In addition to traditional antibiotic therapy, parotid gland massage, sialogogues, and osteopathic manipulative treatment (OMT) may play an adjunctive role by improving parotid gland congestion, facilitating delivery of medications to the site of infection, and alleviating pain.6 Management strategies that consider disease pathogens, sensitive anatomical structures, parotid gland mechanics, and a patient's unique contributing risk factors provide a holistic approach. 
This report highlights a comprehensive approach to a challenging case of parotitis that was complicated by the patient's risk factors. 
Report of Case
A 50-year-old woman presented to the family medicine clinic with left-sided preauricular pain and swelling that radiated into her neck and jaw. The pain began 2 weeks earlier and was worsening; on presentation the patient rated it 9 on a 10-point scale, with 10 being the greatest pain. Of note, she was seen 2 weeks previously at an urgent care facility, and 2 different courses of antibiotics (cephalexin and amoxicillin clavulanate) were prescribed. These medications offered no relief. Additional complaints included dysphagia, cervicalgia, and xerostomia. Her medical history included overactive bladder, anxiety, insomnia, chronic hyponatremia, and low body weight. Her medications included 5 mg of oxybutynin daily, 200 mg of sertraline hydrochloride daily, and 100 mg of trazodone hydrochloride at bedtime. She had a 50-pack/y history of tobacco use and long-standing history of alcoholism. In her daily job as a telephone operator at a call center, she wore a snugly fitting headset that compressed the entire left side of her face. 
Her vital signs were normal with the exception of a low body mass index of 18. She appeared ill, underweight, and anxious. There was tenderness to palpation at the left mastoid process and remarkable left-sided swelling anterior and inferior to the external auditory canal. Left anterior cervical lymphadenopathy posterior to the jaw angle measured 3.5 cm. Musculoskeletal examination findings included decreased cervical range of motion in left sidebending; occipitoatlantal sidebent left, rotated right; atlantoaxial rotated right; C2 flexed, rotated right, sidebent right; C3 extended right, sidebent right; anterior C1 left; posterior C2 left; posterior C3 left; posterior C2 right; posterior C5 right; and myofascial restriction in the neck. Cranial dysfunctions included a left cranial torsion, left sidebending rotation, and an internally rotated and immobile left temporal bone. The remainder of the physical examination findings were unremarkable.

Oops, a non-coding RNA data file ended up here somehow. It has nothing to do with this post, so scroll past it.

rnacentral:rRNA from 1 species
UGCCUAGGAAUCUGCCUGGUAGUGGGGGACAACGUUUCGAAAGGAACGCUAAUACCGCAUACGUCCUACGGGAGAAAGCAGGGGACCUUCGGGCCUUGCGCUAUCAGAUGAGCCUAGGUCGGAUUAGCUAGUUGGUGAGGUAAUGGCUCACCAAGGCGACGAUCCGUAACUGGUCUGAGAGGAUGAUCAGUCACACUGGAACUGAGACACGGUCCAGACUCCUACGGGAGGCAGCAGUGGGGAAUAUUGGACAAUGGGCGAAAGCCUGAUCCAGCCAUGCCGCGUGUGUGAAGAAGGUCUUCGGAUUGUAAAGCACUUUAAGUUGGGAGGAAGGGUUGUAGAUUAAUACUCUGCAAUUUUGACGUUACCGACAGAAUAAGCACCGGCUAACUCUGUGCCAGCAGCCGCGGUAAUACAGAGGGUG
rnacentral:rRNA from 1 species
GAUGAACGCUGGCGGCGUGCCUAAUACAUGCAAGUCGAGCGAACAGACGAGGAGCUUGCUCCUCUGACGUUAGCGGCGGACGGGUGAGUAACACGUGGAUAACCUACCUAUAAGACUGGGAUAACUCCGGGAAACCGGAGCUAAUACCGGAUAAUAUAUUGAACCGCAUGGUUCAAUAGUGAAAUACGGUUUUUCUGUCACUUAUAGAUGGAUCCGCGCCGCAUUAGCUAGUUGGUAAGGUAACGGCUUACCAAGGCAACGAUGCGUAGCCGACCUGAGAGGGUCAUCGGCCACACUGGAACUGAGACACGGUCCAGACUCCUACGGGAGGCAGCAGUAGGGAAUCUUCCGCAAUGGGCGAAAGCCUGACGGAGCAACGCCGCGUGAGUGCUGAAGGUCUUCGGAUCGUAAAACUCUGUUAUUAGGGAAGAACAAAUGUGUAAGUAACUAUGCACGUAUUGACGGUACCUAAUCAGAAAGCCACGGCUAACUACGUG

At the initial visit, 500 mg of ceftriaxone was given intramuscularly, and urgent head computed tomography (CT) was ordered. The CT image demonstrated diffuse parenchymal enhancement in the left parotid gland (Figure) and associated acute cervical lymphadenopathy. Working diagnoses included acute suppurative parotitis vs nonsuppurative parotitis caused by the adverse effects of her anticholinergic medication (eg, xerostomia) and further complicated by parotid gland obstruction due to the headset she wore at work. Her other diagnoses included somatic dysfunctions of the cranium and neck, regional cervical lymphadenitis, leukocytosis, and anxiety. 
Figure.